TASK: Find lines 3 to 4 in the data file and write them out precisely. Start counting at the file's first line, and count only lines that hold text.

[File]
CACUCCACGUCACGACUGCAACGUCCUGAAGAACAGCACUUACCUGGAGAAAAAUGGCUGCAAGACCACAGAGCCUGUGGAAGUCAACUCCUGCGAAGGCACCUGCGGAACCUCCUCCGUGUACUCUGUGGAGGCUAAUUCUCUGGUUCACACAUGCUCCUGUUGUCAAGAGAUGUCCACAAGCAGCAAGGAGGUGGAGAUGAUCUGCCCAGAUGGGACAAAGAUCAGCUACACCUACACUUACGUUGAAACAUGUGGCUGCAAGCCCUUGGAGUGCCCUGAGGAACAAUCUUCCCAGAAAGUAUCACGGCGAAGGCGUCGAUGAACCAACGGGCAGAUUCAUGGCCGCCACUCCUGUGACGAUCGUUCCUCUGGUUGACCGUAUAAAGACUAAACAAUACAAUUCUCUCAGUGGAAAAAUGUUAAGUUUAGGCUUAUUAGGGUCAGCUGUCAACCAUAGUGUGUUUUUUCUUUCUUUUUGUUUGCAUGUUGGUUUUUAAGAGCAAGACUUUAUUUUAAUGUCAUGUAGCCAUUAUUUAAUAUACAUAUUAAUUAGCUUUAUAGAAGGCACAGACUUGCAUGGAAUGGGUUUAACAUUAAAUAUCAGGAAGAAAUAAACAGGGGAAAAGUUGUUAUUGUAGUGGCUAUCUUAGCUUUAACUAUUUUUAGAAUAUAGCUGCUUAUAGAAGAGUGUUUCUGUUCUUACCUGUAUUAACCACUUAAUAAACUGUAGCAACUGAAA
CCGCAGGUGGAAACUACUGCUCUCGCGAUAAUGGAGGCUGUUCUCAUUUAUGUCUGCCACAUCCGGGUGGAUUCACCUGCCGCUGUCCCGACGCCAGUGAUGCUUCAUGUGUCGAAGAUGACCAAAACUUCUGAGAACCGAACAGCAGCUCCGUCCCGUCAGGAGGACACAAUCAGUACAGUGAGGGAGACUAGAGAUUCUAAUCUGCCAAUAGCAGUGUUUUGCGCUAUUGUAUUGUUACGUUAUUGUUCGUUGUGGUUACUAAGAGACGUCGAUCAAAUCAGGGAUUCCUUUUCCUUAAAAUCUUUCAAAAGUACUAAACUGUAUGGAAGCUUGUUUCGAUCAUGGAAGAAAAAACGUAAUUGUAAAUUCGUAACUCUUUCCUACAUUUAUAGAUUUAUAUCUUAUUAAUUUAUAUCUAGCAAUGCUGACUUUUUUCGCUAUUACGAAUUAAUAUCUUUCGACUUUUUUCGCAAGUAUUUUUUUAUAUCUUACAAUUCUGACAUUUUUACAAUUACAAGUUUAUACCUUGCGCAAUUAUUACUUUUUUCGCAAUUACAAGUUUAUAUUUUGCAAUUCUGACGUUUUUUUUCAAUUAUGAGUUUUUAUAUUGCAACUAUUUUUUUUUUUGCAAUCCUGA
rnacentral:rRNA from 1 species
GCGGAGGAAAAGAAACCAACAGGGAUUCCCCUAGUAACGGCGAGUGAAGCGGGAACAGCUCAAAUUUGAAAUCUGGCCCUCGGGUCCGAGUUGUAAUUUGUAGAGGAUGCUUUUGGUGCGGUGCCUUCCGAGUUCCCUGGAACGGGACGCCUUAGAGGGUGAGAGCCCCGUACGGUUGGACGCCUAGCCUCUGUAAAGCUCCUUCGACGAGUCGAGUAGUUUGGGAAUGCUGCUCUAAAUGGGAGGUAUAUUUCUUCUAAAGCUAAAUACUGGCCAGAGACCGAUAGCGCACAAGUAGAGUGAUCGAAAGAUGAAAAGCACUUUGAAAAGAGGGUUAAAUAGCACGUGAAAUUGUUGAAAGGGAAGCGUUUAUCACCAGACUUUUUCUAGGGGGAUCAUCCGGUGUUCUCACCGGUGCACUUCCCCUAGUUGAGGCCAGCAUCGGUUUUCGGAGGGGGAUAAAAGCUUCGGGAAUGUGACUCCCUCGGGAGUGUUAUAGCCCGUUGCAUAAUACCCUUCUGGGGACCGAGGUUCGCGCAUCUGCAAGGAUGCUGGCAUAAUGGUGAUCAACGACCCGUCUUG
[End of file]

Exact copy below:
rnacentral:rRNA from 1 species
GCGGAGGAAAAGAAACCAACAGGGAUUCCCCUAGUAACGGCGAGUGAAGCGGGAACAGCUCAAAUUUGAAAUCUGGCCCUCGGGUCCGAGUUGUAAUUUGUAGAGGAUGCUUUUGGUGCGGUGCCUUCCGAGUUCCCUGGAACGGGACGCCUUAGAGGGUGAGAGCCCCGUACGGUUGGACGCCUAGCCUCUGUAAAGCUCCUUCGACGAGUCGAGUAGUUUGGGAAUGCUGCUCUAAAUGGGAGGUAUAUUUCUUCUAAAGCUAAAUACUGGCCAGAGACCGAUAGCGCACAAGUAGAGUGAUCGAAAGAUGAAAAGCACUUUGAAAAGAGGGUUAAAUAGCACGUGAAAUUGUUGAAAGGGAAGCGUUUAUCACCAGACUUUUUCUAGGGGGAUCAUCCGGUGUUCUCACCGGUGCACUUCCCCUAGUUGAGGCCAGCAUCGGUUUUCGGAGGGGGAUAAAAGCUUCGGGAAUGUGACUCCCUCGGGAGUGUUAUAGCCCGUUGCAUAAUACCCUUCUGGGGACCGAGGUUCGCGCAUCUGCAAGGAUGCUGGCAUAAUGGUGAUCAACGACCCGUCUUG